29.2 Writing to a File with Visual Basic ................................................................................ 145 29.3 Reading From a File in Visual Basic .............................................................................. 146 29.4 Detecting a Change to a File......................................................................................... 147 Chapter 30. Working with Directories in Visual Basic .............................................................. 148 30.1 Creating and Removing a Directory In Visual Basic ..................................................... 148 30.2 Obtaining a Directory Information and Contents Listings in Visual Basic .................... 149 30.3 Extracting Parts of a Path Name in Visual Basic ........................................................... 149 9

Visual Basic 2010 Essentials 30.4 Copying Directories in Visual Basic .............................................................................. 150 30.5 Renaming a Directory in Visual Basic ........................................................................... 150 Chapter 31. Drawing Graphics in Visual Basic .......................................................................... 151 31.1 Drawing Filled Shapes in Visual Basic ........................................................................... 151 31.2 Drawing in Visual Basic Using a Pen ............................................................................. 153 31.3 Drawing Shapes in Visual Basic .................................................................................... 154 31.3.1 31.3.2 Drawing a Ellipse ................................................................................................... 154 Drawing a Rectangle ............................................................................................. 154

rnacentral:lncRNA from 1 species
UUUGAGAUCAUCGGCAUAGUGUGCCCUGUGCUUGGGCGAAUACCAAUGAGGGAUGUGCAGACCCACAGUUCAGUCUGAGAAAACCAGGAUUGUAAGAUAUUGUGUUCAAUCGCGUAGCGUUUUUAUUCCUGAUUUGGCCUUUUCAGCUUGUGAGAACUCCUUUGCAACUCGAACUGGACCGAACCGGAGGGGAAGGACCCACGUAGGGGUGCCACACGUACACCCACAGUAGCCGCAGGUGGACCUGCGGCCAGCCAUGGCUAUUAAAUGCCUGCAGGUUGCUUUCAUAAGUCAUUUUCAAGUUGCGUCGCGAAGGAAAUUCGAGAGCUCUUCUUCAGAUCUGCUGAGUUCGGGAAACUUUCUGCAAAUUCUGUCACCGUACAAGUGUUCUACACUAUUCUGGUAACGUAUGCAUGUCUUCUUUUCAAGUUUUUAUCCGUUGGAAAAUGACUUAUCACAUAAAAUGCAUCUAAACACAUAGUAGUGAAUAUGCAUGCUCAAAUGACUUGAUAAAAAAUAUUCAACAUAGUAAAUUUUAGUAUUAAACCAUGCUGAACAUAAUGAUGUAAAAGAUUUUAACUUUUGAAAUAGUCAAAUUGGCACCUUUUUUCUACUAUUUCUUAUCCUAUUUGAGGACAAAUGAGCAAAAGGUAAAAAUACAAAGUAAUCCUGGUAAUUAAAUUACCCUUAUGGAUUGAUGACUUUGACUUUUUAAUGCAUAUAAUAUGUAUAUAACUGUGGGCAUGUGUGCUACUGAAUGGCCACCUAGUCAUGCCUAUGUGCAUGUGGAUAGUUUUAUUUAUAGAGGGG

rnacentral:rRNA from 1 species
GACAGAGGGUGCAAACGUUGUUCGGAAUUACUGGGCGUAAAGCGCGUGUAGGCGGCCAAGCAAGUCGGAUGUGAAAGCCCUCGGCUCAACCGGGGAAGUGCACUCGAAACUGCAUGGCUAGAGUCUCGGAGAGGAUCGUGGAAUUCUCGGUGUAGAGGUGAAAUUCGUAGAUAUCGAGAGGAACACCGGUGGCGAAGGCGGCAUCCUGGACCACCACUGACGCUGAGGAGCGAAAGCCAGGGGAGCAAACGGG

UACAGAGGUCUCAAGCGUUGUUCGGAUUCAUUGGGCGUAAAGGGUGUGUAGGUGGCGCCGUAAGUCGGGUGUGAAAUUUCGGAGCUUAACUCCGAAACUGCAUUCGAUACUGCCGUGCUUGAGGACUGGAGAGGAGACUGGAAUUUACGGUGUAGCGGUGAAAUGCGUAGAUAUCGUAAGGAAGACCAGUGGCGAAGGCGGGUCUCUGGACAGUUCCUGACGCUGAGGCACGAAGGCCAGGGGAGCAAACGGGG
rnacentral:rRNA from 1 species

31.4 Drawing Text in Visual Basic ......................................................................................... 155 31.5 Clearing a Drawing Area ............................................................................................... 155 31.6 Summary ...................................................................................................................... 156

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Visual Basic 2010 Essentials

Chapter 1.

About Visual Basic Essentials